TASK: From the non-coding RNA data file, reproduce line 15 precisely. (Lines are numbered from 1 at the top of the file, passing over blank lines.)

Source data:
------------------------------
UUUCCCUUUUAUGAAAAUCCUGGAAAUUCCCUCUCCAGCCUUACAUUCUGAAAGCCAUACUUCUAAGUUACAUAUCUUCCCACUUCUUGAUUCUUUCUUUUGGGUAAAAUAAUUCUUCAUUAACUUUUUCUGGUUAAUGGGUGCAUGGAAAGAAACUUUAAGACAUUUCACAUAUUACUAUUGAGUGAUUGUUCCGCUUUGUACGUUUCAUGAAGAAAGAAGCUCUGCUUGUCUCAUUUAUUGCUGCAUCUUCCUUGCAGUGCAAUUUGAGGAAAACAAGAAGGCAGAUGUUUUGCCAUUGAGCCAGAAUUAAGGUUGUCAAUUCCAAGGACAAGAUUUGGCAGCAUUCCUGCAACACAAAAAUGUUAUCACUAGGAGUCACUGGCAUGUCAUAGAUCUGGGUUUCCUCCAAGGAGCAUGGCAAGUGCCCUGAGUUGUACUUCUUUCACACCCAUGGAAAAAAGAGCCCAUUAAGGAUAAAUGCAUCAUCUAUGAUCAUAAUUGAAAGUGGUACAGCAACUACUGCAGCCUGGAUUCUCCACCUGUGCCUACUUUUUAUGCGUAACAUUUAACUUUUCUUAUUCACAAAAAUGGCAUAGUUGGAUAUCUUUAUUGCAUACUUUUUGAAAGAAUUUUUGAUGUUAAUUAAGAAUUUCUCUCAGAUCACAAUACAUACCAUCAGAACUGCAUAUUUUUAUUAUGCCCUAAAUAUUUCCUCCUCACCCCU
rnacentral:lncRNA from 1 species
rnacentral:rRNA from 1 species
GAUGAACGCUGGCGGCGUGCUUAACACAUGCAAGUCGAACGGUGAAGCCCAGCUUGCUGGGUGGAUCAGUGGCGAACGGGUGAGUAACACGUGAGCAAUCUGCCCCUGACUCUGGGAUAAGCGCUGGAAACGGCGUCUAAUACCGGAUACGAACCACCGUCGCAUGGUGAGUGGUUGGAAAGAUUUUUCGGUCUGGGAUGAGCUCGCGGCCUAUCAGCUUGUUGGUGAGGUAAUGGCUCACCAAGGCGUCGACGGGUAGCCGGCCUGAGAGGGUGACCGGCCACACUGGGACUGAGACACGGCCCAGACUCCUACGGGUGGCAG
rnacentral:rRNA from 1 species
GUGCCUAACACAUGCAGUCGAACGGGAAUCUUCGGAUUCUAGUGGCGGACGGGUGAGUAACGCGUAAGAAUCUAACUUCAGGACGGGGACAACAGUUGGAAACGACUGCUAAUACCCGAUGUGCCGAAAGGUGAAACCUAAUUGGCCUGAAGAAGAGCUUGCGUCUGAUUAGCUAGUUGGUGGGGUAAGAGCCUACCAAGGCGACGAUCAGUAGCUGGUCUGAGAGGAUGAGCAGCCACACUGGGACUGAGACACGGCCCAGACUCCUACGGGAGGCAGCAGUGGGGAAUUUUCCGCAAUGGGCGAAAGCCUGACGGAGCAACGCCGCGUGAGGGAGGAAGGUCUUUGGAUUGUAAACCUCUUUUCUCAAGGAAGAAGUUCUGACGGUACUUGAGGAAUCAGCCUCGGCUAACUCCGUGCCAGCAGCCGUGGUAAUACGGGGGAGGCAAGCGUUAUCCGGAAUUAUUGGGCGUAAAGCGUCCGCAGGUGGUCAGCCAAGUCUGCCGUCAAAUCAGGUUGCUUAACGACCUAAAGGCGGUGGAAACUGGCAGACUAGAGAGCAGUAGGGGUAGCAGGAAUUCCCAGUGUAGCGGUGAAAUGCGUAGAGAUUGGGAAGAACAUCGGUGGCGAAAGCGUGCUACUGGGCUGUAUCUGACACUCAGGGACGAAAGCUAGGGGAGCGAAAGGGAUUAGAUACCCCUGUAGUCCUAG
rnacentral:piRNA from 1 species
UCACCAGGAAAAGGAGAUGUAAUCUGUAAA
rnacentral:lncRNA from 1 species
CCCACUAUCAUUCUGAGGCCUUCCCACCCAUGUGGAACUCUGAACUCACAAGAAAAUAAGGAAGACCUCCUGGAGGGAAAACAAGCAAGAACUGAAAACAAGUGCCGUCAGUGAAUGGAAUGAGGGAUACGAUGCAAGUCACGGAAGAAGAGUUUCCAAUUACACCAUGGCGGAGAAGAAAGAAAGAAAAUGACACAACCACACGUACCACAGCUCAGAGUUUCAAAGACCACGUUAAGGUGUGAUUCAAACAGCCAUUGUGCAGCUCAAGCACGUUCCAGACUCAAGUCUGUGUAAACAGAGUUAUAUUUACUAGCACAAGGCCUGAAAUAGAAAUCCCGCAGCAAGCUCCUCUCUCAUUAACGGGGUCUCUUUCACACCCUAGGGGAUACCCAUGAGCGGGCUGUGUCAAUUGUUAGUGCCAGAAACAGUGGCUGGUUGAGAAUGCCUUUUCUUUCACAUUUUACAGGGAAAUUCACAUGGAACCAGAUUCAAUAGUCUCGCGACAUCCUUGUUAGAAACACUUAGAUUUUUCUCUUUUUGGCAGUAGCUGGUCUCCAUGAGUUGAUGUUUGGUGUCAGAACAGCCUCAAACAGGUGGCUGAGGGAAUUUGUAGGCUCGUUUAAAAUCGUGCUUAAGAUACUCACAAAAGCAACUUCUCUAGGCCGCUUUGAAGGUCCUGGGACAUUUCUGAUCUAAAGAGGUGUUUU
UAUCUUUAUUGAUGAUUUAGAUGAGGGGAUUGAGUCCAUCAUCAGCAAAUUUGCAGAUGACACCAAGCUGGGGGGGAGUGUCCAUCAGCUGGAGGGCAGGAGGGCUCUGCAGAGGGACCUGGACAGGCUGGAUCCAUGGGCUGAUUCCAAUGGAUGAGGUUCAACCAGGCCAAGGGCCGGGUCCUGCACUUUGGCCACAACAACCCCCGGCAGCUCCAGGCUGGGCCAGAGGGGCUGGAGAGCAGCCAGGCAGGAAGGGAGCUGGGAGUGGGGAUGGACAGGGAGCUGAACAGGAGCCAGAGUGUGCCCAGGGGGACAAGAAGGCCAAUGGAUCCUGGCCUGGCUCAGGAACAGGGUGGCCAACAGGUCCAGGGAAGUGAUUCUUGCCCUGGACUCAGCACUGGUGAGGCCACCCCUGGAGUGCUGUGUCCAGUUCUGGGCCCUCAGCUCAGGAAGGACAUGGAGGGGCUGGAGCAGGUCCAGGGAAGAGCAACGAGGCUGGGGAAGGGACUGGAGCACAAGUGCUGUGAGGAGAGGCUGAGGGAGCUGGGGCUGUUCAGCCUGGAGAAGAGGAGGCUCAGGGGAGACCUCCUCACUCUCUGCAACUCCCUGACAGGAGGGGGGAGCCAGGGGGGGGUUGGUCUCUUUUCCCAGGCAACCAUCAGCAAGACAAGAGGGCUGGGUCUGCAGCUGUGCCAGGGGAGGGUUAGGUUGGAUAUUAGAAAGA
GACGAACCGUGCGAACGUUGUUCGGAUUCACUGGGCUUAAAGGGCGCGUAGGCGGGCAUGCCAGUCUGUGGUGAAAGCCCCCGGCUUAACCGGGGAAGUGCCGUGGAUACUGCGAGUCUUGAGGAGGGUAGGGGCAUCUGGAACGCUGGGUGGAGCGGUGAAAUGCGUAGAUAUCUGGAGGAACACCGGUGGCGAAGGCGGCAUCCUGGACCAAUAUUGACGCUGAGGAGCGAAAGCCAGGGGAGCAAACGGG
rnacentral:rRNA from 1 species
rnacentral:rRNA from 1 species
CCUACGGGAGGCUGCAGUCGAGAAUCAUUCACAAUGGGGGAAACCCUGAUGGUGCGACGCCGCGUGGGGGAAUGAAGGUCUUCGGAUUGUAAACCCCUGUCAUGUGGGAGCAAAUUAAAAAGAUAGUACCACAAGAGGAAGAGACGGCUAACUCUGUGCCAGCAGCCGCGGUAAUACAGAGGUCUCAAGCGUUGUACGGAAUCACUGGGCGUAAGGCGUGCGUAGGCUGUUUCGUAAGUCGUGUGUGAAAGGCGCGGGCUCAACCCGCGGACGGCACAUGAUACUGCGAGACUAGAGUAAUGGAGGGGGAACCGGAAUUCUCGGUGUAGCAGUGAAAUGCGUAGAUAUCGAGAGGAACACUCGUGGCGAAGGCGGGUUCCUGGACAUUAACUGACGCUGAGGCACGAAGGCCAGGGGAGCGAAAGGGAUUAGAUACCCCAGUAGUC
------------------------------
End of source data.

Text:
CCUACGGGAGGCUGCAGUCGAGAAUCAUUCACAAUGGGGGAAACCCUGAUGGUGCGACGCCGCGUGGGGGAAUGAAGGUCUUCGGAUUGUAAACCCCUGUCAUGUGGGAGCAAAUUAAAAAGAUAGUACCACAAGAGGAAGAGACGGCUAACUCUGUGCCAGCAGCCGCGGUAAUACAGAGGUCUCAAGCGUUGUACGGAAUCACUGGGCGUAAGGCGUGCGUAGGCUGUUUCGUAAGUCGUGUGUGAAAGGCGCGGGCUCAACCCGCGGACGGCACAUGAUACUGCGAGACUAGAGUAAUGGAGGGGGAACCGGAAUUCUCGGUGUAGCAGUGAAAUGCGUAGAUAUCGAGAGGAACACUCGUGGCGAAGGCGGGUUCCUGGACAUUAACUGACGCUGAGGCACGAAGGCCAGGGGAGCGAAAGGGAUUAGAUACCCCAGUAGUC